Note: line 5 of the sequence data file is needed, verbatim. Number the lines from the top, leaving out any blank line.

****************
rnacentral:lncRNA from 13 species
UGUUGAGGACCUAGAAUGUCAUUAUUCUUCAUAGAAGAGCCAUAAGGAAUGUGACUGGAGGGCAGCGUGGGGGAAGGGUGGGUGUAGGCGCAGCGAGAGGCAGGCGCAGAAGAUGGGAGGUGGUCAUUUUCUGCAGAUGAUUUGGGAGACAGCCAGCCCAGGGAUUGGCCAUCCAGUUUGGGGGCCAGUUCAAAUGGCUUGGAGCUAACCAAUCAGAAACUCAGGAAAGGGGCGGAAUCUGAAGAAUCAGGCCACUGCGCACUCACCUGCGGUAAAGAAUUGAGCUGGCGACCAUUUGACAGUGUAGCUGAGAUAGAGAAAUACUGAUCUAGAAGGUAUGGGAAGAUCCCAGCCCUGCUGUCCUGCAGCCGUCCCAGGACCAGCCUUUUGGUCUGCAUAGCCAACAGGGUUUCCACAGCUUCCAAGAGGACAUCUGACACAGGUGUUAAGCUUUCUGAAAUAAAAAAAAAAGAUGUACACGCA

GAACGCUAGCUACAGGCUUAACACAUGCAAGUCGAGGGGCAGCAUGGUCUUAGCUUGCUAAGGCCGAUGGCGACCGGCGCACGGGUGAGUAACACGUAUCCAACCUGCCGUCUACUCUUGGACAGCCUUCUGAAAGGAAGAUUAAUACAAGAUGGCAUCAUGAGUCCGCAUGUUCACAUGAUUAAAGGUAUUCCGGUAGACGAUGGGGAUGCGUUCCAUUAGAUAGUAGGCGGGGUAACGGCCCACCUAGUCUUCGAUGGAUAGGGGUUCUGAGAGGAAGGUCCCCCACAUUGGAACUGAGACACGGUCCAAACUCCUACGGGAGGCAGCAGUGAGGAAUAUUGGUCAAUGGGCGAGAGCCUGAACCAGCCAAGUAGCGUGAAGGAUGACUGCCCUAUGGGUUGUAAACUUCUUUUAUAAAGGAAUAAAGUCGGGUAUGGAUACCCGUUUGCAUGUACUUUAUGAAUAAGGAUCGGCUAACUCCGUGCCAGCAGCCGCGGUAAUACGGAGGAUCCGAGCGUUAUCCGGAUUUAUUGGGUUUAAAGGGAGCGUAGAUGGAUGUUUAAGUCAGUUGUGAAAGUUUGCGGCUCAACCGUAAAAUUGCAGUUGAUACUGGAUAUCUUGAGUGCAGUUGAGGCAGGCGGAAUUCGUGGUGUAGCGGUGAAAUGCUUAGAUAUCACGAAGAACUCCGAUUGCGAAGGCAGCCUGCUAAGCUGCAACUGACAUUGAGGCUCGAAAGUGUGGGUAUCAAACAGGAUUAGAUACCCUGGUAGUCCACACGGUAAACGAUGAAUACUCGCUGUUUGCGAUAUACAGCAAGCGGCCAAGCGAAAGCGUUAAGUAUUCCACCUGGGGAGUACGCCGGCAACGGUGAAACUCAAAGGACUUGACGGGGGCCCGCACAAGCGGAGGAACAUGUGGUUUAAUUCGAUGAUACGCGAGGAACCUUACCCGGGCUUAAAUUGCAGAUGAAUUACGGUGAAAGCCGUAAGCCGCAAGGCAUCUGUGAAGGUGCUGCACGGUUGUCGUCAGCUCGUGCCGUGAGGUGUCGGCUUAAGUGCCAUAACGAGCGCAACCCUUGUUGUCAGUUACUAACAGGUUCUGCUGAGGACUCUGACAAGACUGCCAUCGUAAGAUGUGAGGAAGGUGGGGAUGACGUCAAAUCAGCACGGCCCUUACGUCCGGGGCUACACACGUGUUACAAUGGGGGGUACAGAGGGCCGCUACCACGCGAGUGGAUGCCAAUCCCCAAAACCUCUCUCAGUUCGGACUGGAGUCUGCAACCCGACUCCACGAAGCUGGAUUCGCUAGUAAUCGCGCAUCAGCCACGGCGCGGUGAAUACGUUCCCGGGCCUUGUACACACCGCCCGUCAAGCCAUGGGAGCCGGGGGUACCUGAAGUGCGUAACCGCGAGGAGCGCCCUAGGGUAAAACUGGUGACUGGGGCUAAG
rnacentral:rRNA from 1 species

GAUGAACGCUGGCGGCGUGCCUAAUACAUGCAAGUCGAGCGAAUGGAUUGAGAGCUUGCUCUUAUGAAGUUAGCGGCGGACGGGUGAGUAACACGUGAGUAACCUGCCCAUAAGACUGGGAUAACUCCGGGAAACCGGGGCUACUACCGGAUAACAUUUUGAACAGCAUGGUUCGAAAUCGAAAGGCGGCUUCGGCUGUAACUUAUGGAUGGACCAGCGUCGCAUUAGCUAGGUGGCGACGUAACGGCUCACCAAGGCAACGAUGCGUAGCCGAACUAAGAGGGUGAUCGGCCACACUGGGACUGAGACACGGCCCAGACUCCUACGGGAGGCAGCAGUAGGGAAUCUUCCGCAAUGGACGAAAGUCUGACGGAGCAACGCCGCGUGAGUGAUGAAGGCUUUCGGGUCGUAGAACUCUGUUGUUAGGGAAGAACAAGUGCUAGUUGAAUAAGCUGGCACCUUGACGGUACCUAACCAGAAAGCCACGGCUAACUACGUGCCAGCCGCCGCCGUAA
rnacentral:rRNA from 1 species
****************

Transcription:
GAUGAACGCUGGCGGCGUGCCUAAUACAUGCAAGUCGAGCGAAUGGAUUGAGAGCUUGCUCUUAUGAAGUUAGCGGCGGACGGGUGAGUAACACGUGAGUAACCUGCCCAUAAGACUGGGAUAACUCCGGGAAACCGGGGCUACUACCGGAUAACAUUUUGAACAGCAUGGUUCGAAAUCGAAAGGCGGCUUCGGCUGUAACUUAUGGAUGGACCAGCGUCGCAUUAGCUAGGUGGCGACGUAACGGCUCACCAAGGCAACGAUGCGUAGCCGAACUAAGAGGGUGAUCGGCCACACUGGGACUGAGACACGGCCCAGACUCCUACGGGAGGCAGCAGUAGGGAAUCUUCCGCAAUGGACGAAAGUCUGACGGAGCAACGCCGCGUGAGUGAUGAAGGCUUUCGGGUCGUAGAACUCUGUUGUUAGGGAAGAACAAGUGCUAGUUGAAUAAGCUGGCACCUUGACGGUACCUAACCAGAAAGCCACGGCUAACUACGUGCCAGCCGCCGCCGUAA